Sentinel introduces policy as code and a powerful framework built-in to HashiCorp tooling to allow automation guardrails, business requirements, legal compliance, and more to be actively enforced by the running systems in realtime.

With Sentinel, you can require an override to create certain numbers of infrastructure resources. You can disallow unsafe deployment configurations with Nomad. You can enforce certain key/value formats in Consul. You can restrict secret access by time in Vault. And more.

Sentinel is available today in HashiCorp enterprise products. 

Getting Started With Sentinel

This section covers getting started with Sentinel. Here, we will take you through the first steps that you will need to do to get started with installing the Sentinel CLI, writing your first policy, and getting familiar with rules, boolean logic, imports, and testing.

Install Sentinel CLI

Sentinel is a policy framework that is embedded in the enterprise versions of HashiCorp tools. The policies you write are deployed to these applications and enforced there.

The Sentinel CLI is a command-line interface for local development and testing. For the getting started guide, we’ll use the CLI to learn how to write policies for Sentinel-enabled applications. The Sentinel CLI is distributed as a binary package for all supported platforms and architectures.

Installation Instructions

To install the Sentinel CLI, find the appropriate package for your system and download it. The CLI is packaged as a zip archive.

After downloading Sentinel, unzip the package. The CLI runs as a single binary named sentinel. Any other files in the package can be safely removed and Sentinel will still function.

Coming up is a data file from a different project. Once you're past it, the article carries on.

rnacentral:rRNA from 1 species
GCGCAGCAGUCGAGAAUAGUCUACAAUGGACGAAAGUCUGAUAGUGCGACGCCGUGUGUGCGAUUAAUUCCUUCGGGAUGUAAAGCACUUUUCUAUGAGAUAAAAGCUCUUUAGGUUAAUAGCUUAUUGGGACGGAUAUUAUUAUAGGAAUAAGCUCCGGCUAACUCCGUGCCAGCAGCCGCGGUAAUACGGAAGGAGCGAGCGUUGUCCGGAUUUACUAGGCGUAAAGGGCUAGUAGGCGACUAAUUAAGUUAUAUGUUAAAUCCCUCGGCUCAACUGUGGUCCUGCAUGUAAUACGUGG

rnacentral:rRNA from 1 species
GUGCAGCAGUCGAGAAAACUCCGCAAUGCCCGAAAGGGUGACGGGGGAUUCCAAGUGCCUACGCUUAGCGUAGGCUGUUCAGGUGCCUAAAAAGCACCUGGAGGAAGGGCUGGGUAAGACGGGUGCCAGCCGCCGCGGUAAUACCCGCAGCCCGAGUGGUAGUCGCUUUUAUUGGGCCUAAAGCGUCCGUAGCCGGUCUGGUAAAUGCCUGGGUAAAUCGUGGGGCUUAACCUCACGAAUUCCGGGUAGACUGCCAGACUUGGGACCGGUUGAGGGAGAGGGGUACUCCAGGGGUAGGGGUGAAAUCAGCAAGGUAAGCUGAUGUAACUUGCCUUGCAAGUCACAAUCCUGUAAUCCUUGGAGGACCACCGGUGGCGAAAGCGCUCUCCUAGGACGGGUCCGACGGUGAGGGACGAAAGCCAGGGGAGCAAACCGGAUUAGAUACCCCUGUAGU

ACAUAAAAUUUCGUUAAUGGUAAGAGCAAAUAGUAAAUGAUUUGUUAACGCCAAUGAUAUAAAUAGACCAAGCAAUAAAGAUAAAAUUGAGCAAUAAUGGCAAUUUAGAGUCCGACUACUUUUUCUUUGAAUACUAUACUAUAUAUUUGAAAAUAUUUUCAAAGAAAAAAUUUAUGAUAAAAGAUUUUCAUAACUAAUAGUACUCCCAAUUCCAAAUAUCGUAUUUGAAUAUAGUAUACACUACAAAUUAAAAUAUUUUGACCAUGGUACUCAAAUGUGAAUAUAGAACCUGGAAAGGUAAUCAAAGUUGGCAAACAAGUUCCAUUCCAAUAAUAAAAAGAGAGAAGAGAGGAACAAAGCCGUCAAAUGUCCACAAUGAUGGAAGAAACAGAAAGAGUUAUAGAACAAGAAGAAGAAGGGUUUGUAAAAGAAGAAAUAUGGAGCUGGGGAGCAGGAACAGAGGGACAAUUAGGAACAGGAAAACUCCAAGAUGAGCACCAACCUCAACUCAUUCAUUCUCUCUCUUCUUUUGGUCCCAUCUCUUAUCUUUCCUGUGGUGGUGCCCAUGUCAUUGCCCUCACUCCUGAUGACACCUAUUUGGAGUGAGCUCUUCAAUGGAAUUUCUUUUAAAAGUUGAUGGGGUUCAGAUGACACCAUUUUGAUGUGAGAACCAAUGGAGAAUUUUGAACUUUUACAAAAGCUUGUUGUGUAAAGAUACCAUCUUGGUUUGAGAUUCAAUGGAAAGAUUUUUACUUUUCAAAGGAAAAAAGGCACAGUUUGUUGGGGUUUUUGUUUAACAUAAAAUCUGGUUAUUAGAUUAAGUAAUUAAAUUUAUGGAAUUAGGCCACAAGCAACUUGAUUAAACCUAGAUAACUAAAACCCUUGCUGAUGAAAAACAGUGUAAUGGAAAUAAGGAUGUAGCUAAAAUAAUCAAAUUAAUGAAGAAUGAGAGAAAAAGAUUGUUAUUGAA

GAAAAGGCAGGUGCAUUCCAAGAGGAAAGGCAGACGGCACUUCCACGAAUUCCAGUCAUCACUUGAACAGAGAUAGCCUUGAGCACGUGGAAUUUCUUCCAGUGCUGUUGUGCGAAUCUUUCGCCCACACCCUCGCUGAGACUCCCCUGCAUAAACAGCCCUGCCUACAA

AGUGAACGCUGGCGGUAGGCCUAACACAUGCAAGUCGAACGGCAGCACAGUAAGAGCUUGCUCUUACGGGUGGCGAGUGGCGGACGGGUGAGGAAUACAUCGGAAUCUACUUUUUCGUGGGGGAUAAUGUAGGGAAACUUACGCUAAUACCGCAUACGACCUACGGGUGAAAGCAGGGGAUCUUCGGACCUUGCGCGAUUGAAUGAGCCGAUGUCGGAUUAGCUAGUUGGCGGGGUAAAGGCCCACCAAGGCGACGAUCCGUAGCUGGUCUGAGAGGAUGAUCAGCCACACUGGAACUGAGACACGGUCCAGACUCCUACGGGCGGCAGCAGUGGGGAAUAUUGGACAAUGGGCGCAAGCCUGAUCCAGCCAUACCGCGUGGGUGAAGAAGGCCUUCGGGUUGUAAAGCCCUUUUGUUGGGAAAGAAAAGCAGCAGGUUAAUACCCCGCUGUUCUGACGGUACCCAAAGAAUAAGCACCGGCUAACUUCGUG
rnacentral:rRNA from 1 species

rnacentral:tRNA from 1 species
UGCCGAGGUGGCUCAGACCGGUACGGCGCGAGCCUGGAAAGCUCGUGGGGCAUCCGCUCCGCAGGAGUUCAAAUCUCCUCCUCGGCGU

The final step is to make sure that the sentinel binary is available on the PATH. See this page for instructions on setting the PATH on Linux and Mac. This page contains instructions for setting the PATH on Windows.

Verifying the Installation

After installing the Sentinel CLI, verify the installation worked by opening a new terminal session and checking that the sentinel binary is available. By executing sentinel, you should see help output similar to the following:

$ sentinel
Usage: sentinel [--version] [--help] <command> [<args>]

Available commands are:    
   apply      Execute a policy and output the result    
   fmt        Format Sentinel policy to a canonical format    
   test       Test policies    version    Prints the Sentinel version

If you get an error that the binary could not be found, then your PATH environment variable was not setup properly. Please go back and ensure that your PATH variable contains the directory where Sentinel was installed.

Otherwise, the CLI is installed and ready to go. Let’s celebrate by writing our first policy!

Your First Sentinel Policy

Sentinel is a system to enforce complex policies on an integrated application.

Writing Sentinel policy requires minimal programming experience. The Sentinel language is designed to be approachable and learned quickly and easily. Whether you’re a professional programmer or someone who uses SQL and Excel, you can learn to write Sentinel policies.

Let’s begin by writing a simple, working Sentinel policy:

hour = 4
main = rule { hour >= 0 and hour < 12 }